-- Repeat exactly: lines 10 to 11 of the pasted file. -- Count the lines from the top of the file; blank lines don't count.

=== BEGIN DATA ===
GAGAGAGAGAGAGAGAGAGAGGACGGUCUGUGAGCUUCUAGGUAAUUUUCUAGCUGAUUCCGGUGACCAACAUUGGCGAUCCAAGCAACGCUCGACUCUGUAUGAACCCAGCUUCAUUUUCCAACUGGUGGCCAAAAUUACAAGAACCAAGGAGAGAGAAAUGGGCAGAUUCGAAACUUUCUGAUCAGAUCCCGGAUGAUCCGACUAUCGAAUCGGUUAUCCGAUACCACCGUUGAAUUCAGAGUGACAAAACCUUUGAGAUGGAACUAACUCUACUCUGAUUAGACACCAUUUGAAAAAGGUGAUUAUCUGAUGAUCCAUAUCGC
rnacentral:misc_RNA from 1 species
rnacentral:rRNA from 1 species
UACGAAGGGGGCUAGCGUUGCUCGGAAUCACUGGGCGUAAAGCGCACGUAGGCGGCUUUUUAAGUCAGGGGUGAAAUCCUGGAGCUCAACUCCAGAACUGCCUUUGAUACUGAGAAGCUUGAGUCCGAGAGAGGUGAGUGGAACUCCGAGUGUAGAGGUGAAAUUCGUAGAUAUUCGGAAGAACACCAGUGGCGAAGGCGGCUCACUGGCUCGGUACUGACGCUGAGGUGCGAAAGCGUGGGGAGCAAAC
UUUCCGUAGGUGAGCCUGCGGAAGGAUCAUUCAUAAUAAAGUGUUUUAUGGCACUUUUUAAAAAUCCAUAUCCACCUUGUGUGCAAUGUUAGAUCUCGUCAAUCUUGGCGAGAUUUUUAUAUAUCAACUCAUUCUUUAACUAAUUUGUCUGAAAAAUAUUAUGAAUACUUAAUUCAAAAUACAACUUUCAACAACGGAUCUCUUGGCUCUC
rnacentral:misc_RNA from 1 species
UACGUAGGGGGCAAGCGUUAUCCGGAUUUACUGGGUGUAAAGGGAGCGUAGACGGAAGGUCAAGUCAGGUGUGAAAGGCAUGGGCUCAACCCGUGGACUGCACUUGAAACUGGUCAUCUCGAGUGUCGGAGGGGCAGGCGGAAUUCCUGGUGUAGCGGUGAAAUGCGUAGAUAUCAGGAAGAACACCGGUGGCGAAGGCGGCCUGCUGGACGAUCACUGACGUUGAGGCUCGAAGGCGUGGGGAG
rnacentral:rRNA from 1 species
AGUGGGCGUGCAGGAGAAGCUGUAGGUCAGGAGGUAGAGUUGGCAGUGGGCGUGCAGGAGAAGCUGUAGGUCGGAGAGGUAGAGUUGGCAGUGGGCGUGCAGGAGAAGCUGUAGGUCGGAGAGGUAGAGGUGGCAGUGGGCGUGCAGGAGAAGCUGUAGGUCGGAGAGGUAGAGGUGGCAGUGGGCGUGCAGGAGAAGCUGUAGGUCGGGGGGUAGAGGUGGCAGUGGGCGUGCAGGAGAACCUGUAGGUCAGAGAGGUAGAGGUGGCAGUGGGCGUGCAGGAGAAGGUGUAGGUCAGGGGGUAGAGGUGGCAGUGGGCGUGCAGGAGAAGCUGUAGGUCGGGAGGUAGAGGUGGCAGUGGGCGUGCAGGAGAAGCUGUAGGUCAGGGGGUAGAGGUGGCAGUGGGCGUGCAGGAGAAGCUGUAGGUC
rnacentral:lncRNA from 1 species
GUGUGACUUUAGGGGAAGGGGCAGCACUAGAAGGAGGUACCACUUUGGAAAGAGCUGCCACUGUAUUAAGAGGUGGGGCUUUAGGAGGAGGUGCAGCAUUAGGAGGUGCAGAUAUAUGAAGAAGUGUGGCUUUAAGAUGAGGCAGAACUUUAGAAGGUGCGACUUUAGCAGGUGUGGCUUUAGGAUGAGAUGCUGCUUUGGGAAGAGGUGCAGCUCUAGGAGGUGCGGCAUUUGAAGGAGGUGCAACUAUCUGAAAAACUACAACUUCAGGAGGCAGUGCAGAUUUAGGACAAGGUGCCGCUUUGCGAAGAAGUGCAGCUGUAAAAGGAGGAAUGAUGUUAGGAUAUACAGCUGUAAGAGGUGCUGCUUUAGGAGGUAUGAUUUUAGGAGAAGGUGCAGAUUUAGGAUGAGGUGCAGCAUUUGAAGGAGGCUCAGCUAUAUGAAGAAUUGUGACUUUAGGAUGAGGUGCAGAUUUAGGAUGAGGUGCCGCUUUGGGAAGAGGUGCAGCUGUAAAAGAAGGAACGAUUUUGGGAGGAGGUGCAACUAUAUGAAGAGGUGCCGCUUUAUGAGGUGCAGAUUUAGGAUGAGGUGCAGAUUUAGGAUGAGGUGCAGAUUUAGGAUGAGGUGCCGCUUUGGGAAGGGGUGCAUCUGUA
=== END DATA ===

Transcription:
rnacentral:lncRNA from 1 species
GUGUGACUUUAGGGGAAGGGGCAGCACUAGAAGGAGGUACCACUUUGGAAAGAGCUGCCACUGUAUUAAGAGGUGGGGCUUUAGGAGGAGGUGCAGCAUUAGGAGGUGCAGAUAUAUGAAGAAGUGUGGCUUUAAGAUGAGGCAGAACUUUAGAAGGUGCGACUUUAGCAGGUGUGGCUUUAGGAUGAGAUGCUGCUUUGGGAAGAGGUGCAGCUCUAGGAGGUGCGGCAUUUGAAGGAGGUGCAACUAUCUGAAAAACUACAACUUCAGGAGGCAGUGCAGAUUUAGGACAAGGUGCCGCUUUGCGAAGAAGUGCAGCUGUAAAAGGAGGAAUGAUGUUAGGAUAUACAGCUGUAAGAGGUGCUGCUUUAGGAGGUAUGAUUUUAGGAGAAGGUGCAGAUUUAGGAUGAGGUGCAGCAUUUGAAGGAGGCUCAGCUAUAUGAAGAAUUGUGACUUUAGGAUGAGGUGCAGAUUUAGGAUGAGGUGCCGCUUUGGGAAGAGGUGCAGCUGUAAAAGAAGGAACGAUUUUGGGAGGAGGUGCAACUAUAUGAAGAGGUGCCGCUUUAUGAGGUGCAGAUUUAGGAUGAGGUGCAGAUUUAGGAUGAGGUGCAGAUUUAGGAUGAGGUGCCGCUUUGGGAAGGGGUGCAUCUGUA